Synopsis by Hans J. Wollstein
Western star Fred Thompson was, for many years, the biggest single moneymaker for the small-scale production firm of FBO. The Thompson vehicles enabled the tiny studio to expand to the point that it was attractive enough to be gobbled up by prestigious RKO Radio Pictures. All of this was still five years in the future when, in 1924, Thompson played the title role in Galloping Gallagher. Although released subsequent to The Mask of Lopez and North of Nevada, this fine silent western was most likely the first Fred Thomson oater filmed. Very much in the tradition of Tom Mix, this good-humored little silent melodrama features Thomson as a happy-go-lucky drifter who is elected sheriff of Tombstone on account of his fine horsemanship. He falls for a lady minister (Thomson regular Hazel Keener) and unmasks the town's banker as a notorious bandit known as "Lily Finger." More important than that, Thomson gets to exhibit his much-admired mount Silver King, who plays a major role in the proceedings. Rumor had it in 1920s Hollywood that the consistently high quality of the Fred Thompson westerns was due to the uncredited input of Thompson's wife, award-winning screenwriter Frances Marion.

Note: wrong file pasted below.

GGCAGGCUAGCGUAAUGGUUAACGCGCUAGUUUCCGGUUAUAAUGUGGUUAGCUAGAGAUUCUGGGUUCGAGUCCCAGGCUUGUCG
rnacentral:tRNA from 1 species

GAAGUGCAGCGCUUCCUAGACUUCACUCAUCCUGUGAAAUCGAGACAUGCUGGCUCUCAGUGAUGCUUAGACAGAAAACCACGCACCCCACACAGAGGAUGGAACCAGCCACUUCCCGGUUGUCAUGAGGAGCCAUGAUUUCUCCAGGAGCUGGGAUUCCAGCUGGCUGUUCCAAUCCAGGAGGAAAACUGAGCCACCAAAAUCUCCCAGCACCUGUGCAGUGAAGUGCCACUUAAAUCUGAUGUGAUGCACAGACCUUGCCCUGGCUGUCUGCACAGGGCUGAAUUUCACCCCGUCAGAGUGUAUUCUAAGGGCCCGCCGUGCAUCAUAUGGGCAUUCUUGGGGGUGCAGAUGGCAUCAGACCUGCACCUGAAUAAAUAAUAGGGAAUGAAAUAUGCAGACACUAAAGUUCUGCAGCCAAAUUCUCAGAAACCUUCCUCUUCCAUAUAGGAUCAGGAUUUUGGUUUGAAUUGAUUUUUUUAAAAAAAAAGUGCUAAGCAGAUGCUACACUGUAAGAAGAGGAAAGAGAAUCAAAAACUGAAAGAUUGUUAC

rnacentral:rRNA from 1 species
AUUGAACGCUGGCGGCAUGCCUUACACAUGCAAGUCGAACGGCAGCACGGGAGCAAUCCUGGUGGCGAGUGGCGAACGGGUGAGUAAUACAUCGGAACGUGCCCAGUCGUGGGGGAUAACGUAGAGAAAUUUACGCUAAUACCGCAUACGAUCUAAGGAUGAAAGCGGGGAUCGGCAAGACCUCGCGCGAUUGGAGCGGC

gangster, horse, justice, robbery, time, town, wanderer